The ball-tampering scandal that engulfed the Australian cricket team in March led to a “corporate collapse” at Cricket Australia and left the public deeply hurt, 9News sports reporter Neil Breen says.
Television images on day three of the third Test in Cape Town showed Cameron Bancroft, a rookie opener with a handful of matches to his name, rubbing a yellow object over the ball before hiding it down his pants.
Captain Steve Smith and Bancroft’s press conference after the day’s play, in which they claimed to have used sticky tape and pitch granules in a failed attempt to alter the ball, sent shockwaves through the sport.
But when Cricket Australian found sandpaper had been used in shameful attempt to cheat, it triggered a media storm and public outcry unprecedented in the country’s sporting memory.
Vice-captain David Warner was found to be the mastermind of the plot, handed a 12-month ban from playing and told he would not be considered for any leadership positions in Australian cricket ever again.
Smith was also handed a 12-month ban from playing and an additional 12-month leadership suspension.
Bancroft was banned for nine months and significant caveats were placed on his consideration for any future leadership roles.
Damningly, all three were also reprimanded for lying to match officials and Cricket Australia’s own investigators.
Coach Darren Lehmann also quit days later.
Breen, a veteran sports journalist, said the calculated nature of the ball-tampering escalated its gravity drastically.
“If it was just ball-tampering with a lolly or something, it would have barely raised a fuss,” Breen says.
“But the fact sandpaper was taken on the field in a blatant attempt to manipulate the ball, it was blatant, pre-planned cheating and that just shocked people.
“People knew they were aggressive but the sight of the yellow strip of sandpaper being shoved down Bancroft’s pants was horrific for a sports fan.”
Breen said the acrimonious nature of the previous two Tests had created a feeling of ill-will towards our cricketers.
While previous teams – such as those led by Michael Clarke, Ricky Ponting, Steve Waugh and Allan Border – had played in a tough, aggressive manner, there was a sense Smith’s XI had “crossed the line” too often.
“There was a feeling simmering away in the Australian public that our team were bad sports,” Breen says.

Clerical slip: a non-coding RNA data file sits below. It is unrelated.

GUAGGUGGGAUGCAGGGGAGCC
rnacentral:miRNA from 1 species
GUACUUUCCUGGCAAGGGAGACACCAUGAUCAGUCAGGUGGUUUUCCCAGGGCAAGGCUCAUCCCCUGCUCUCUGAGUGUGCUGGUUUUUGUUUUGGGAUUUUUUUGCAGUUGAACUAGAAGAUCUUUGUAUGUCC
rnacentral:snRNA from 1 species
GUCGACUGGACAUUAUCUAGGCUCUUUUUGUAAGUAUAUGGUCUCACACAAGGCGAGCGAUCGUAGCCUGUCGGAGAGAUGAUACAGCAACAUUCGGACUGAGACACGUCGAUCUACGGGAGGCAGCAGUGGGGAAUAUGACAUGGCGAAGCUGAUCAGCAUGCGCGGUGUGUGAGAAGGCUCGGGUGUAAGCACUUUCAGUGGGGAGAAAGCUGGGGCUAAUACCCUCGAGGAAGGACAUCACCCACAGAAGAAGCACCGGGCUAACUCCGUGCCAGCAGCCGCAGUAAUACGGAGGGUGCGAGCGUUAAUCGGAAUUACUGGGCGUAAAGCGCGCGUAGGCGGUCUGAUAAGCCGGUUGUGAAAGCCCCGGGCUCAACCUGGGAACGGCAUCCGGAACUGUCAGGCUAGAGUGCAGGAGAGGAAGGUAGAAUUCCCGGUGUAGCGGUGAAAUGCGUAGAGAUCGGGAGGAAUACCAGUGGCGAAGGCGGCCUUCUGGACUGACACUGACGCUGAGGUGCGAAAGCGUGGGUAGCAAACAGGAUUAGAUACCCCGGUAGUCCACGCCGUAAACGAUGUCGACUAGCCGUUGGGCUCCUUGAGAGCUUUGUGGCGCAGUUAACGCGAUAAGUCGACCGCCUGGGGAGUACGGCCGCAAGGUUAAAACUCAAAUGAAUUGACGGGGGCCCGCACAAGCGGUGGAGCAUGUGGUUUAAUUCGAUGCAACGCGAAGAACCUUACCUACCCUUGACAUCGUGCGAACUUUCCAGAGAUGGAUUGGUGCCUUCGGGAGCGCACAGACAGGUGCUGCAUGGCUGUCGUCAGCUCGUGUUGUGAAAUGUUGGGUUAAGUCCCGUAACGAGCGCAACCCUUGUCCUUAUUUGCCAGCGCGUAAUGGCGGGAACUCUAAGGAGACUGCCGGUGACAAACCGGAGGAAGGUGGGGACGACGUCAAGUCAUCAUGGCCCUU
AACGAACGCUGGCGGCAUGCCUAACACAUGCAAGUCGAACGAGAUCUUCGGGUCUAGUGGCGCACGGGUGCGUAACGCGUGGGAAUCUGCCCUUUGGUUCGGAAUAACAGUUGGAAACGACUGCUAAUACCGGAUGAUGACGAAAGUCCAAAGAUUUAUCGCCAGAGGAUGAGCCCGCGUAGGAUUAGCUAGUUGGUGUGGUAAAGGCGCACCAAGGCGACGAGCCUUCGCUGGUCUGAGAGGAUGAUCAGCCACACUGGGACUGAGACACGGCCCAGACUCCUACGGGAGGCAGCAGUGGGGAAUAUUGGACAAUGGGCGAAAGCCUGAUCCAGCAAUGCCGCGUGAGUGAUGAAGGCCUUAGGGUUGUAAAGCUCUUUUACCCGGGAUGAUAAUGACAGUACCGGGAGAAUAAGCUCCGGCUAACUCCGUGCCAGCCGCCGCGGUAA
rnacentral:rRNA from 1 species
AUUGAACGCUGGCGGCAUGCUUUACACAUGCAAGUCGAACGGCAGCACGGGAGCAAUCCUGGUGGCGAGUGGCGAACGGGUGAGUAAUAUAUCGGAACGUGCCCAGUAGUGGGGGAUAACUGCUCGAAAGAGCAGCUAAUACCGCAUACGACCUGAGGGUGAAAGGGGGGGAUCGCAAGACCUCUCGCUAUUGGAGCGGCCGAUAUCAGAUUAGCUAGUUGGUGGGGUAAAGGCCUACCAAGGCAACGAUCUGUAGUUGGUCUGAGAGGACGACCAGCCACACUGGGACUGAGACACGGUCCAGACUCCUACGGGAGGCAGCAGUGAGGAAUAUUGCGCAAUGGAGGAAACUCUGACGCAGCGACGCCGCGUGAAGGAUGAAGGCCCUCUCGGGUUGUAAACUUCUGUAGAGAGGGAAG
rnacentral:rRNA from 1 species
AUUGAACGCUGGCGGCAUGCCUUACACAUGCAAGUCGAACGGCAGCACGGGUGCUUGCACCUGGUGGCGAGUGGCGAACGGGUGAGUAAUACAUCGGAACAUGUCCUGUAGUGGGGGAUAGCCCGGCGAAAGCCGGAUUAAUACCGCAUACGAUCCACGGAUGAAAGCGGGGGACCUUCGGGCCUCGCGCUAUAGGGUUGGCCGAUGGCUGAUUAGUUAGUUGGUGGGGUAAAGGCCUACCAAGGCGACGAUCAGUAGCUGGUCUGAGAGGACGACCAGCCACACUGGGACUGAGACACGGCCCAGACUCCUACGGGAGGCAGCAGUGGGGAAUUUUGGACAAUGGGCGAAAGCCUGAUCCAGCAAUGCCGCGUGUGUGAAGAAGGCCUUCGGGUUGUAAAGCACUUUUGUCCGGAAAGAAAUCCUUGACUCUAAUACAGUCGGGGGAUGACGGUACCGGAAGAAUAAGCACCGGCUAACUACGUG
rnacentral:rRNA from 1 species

“The Australian public had become uncomfortable with the level of sledging.
“This had been going on for a long time – not liking the behaviour in general – and when they got to South Africa, it blew up.
“In the first Test, David Warner’s behaviour on the field when he was screaming at Quinton De Kock, then the blow-up in the stairwell.
“The Australian public knew something was amiss in that series.”
Images of heartbroken Smith at a tearful press conference were gut-wrenching to watch.
The scandal set in motion a turbulent few months for Cricket Australia, with CEO James Sutherland and polarising high-performance manager Pat Howard also going.
It also led to an Ethics Centre-led culture review which saw 814 of the game’s key stakeholders – past and present players, coaches, media and sponsors – given their chance to offer feedback on the state of cricket.
The results of the damning report created a groundswell of opposition to CA chairman David Peever, who also fell on his sword.
Breen, who was one of the 450 stakeholders who responded to the survey, describes CA’s implosion was a “corporate collapse”.
“The culture review gave people a chance to vent, and they vented about all the problems with Cricket Australia and how it runs the game,” he said.
“Cricket’s just a game but it’s run like a business.
“Players and people in the game were getting wealthier and wealthier.
“It’s a bit like the banking inquiry – the leaders were never going to survive.
“Initially it was just the three players, then the coach, the CEO and the chairman.
“It took six months but the dominoes began to fall.”
Smith and Bancroft – who made his return to cricket with the Perth Scorchers in the Big Bash last night – have begun their efforts to repair their shattered public images this week with television interviews and advertisements.
Each lay the blame for the scandal at the feet of others: Bancroft said Warner had told him to use the sandpaper, while Smith fingered Cricket Australia for creating a culture too focused on results.
Meanwhile, Smith’s replacement as captain Tim Paine has inherited the unenviable task of rebuilding trust – and love – with our national men’s team.
Paine has enjoyed an entertaining verbal battle with Indian counterpart Virat Kohli that has threatened to escalate but remained seemingly good-natured.
With any hope of winning back the Border-Gavaskar trophy lost in Melbourne this week, Breen believes the public will welcome the new era of more respectfulplayers – up to a point.
“People want our team to play tough and fair but if Australia keep on losing being the good guys, the public won’t that either,” he said.
“They will never tolerate behaviour like the first Test in South Africa, let alone the ball-tampering, but they want the team to be successful.
“We’ll end up in a middle ground between the old approach and the new approach.”
© Nine Digital Pty Ltd 2018
Source link : https://www.9news.com.au/2018/12/23/10/14/ball-tampering-scandal-neil-breen-cricket-australia
Publish date : 2018-12-31 02:18:00